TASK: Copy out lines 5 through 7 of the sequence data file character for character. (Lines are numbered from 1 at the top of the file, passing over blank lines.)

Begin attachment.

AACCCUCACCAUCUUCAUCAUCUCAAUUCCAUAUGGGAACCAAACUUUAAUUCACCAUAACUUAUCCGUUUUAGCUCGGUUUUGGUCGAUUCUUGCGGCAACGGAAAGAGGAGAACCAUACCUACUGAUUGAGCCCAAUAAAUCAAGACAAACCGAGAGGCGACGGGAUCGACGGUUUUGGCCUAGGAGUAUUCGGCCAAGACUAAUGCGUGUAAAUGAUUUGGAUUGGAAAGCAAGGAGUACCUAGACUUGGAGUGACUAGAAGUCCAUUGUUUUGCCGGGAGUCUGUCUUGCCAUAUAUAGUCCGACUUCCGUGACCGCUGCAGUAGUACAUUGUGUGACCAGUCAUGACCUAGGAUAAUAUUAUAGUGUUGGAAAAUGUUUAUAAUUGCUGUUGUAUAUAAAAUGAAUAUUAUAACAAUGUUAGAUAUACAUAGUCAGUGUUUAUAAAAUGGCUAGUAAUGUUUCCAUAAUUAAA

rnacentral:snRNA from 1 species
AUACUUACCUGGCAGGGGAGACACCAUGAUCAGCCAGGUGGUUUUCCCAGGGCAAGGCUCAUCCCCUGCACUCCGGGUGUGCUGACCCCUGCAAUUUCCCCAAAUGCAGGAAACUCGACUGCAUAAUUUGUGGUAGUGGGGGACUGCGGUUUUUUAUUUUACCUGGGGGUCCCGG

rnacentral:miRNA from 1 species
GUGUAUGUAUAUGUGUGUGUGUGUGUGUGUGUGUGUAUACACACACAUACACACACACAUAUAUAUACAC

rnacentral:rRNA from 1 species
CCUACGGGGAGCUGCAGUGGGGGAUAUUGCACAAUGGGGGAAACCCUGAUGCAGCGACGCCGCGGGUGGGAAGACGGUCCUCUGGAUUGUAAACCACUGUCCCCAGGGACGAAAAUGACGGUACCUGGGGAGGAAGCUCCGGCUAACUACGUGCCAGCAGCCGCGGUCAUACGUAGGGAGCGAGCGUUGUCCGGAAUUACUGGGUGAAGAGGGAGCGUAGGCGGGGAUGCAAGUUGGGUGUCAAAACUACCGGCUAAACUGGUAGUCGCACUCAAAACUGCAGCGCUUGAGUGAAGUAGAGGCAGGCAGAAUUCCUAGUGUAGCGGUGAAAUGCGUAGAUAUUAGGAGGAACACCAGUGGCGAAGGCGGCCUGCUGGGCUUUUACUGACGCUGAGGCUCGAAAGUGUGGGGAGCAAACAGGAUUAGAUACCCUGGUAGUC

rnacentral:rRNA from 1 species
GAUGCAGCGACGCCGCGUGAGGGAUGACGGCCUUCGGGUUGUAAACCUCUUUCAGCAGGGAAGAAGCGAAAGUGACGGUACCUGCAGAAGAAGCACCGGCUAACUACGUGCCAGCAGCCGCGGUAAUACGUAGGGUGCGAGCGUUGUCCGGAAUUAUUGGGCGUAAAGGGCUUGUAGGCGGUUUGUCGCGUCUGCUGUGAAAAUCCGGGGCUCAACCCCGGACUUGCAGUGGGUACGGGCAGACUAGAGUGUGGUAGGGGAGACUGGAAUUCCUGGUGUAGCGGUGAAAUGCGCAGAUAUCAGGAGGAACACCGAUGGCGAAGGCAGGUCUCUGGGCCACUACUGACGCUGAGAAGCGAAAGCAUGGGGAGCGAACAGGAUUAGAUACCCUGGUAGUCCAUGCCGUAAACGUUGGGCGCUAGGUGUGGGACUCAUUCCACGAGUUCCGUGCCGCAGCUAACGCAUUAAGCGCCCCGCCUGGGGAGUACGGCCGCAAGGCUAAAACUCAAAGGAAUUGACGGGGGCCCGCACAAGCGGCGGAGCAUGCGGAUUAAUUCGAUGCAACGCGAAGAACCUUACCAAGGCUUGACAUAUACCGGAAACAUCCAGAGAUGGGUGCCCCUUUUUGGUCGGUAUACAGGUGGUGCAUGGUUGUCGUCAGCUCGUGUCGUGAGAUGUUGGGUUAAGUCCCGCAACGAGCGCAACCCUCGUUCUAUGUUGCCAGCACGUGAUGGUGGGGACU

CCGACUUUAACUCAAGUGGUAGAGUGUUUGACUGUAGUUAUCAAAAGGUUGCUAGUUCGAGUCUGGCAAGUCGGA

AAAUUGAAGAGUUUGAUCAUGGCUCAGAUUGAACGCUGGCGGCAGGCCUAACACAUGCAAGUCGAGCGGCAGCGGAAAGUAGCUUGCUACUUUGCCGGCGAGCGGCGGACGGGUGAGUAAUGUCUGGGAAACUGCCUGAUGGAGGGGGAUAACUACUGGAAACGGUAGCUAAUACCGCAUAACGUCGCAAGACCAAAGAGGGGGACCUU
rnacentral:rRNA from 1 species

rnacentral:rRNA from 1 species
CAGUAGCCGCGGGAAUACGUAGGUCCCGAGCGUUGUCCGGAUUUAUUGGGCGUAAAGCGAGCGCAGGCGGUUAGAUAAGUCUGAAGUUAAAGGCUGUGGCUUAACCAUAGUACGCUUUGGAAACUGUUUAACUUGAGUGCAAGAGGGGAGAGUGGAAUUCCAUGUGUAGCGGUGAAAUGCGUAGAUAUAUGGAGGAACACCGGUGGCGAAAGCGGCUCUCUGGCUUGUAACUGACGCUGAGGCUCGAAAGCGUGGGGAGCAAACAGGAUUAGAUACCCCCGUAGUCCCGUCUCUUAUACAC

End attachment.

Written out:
GUGUAUGUAUAUGUGUGUGUGUGUGUGUGUGUGUGUAUACACACACAUACACACACACAUAUAUAUACAC

rnacentral:rRNA from 1 species
CCUACGGGGAGCUGCAGUGGGGGAUAUUGCACAAUGGGGGAAACCCUGAUGCAGCGACGCCGCGGGUGGGAAGACGGUCCUCUGGAUUGUAAACCACUGUCCCCAGGGACGAAAAUGACGGUACCUGGGGAGGAAGCUCCGGCUAACUACGUGCCAGCAGCCGCGGUCAUACGUAGGGAGCGAGCGUUGUCCGGAAUUACUGGGUGAAGAGGGAGCGUAGGCGGGGAUGCAAGUUGGGUGUCAAAACUACCGGCUAAACUGGUAGUCGCACUCAAAACUGCAGCGCUUGAGUGAAGUAGAGGCAGGCAGAAUUCCUAGUGUAGCGGUGAAAUGCGUAGAUAUUAGGAGGAACACCAGUGGCGAAGGCGGCCUGCUGGGCUUUUACUGACGCUGAGGCUCGAAAGUGUGGGGAGCAAACAGGAUUAGAUACCCUGGUAGUC